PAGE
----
IoT deployment often comes with challenges around connectivity, power, spectrum and bandwidth requirements, as well as cost. However, the reduced cost of computing (including sensors) and increased mobile broadband penetration are expected to drive the use of IoT in healthcare. The cost effectiveness of standardised low-power wireless technologies will also help that trend.
Furthermore, large-scale deployment of the technology in healthcare relies on the transmission of health data and records, giving rise to privacy and security concerns. These concerns have propelled national IoT laws to be implemented in developed markets. However, there’s still a need for effective regulations in developing countries to drive the adoption of IoT.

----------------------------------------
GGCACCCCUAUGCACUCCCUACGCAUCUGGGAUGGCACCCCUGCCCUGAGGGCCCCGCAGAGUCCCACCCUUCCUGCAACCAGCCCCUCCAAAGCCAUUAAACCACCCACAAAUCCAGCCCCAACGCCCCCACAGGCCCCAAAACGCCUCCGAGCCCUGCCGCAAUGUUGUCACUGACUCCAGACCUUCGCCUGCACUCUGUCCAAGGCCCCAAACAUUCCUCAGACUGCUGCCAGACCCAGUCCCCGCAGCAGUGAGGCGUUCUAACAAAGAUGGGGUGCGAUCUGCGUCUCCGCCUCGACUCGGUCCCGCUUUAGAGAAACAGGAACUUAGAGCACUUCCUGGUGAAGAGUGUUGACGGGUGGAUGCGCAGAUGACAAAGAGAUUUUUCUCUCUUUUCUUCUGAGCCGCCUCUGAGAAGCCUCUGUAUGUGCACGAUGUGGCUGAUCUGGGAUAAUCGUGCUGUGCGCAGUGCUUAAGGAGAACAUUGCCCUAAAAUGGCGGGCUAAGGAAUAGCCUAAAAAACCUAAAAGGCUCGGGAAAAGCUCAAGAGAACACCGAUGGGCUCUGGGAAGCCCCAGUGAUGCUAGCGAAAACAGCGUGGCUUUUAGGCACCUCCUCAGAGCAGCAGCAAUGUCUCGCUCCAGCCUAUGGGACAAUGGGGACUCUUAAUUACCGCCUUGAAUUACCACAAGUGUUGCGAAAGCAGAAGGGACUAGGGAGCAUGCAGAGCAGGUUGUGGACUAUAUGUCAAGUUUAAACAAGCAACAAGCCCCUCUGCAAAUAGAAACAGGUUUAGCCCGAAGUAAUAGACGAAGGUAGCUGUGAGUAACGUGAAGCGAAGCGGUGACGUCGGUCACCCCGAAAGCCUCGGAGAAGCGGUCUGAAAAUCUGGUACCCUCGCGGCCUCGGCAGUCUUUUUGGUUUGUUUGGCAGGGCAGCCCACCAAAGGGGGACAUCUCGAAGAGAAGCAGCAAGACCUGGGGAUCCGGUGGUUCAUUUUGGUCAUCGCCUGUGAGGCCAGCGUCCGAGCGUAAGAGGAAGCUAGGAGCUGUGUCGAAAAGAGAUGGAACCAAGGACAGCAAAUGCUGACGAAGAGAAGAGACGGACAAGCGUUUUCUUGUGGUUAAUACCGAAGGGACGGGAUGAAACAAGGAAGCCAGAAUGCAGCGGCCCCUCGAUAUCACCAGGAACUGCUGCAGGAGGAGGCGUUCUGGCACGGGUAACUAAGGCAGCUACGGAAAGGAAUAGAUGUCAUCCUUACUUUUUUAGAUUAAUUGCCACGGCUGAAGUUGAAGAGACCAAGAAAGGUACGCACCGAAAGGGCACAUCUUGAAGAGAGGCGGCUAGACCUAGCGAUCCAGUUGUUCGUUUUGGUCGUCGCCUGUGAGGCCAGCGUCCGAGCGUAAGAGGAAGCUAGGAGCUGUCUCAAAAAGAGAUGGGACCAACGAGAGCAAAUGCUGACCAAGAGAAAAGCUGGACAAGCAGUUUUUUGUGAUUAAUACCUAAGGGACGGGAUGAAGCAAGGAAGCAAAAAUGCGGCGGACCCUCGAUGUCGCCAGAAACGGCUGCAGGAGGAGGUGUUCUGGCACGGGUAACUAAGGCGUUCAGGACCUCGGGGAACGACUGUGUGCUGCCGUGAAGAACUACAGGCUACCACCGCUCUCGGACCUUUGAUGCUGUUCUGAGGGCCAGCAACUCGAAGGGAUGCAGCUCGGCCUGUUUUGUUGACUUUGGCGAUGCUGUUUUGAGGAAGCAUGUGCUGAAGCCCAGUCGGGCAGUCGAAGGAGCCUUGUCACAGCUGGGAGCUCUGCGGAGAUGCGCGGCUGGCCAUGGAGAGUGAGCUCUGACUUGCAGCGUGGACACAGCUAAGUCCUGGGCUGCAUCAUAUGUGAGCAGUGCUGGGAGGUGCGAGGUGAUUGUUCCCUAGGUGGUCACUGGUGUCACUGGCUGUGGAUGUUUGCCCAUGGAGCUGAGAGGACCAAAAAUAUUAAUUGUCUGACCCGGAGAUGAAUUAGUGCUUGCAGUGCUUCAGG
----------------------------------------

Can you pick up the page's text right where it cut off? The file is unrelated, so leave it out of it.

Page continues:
Finally, IoT-applied healthcare often comes with limitations. A large number of health issues require physical health examination to reach a diagnosis. Also, images and videos transmitted via IoT-powered telemedicine can be lacking high quality resolution, making physical healthcare necessary.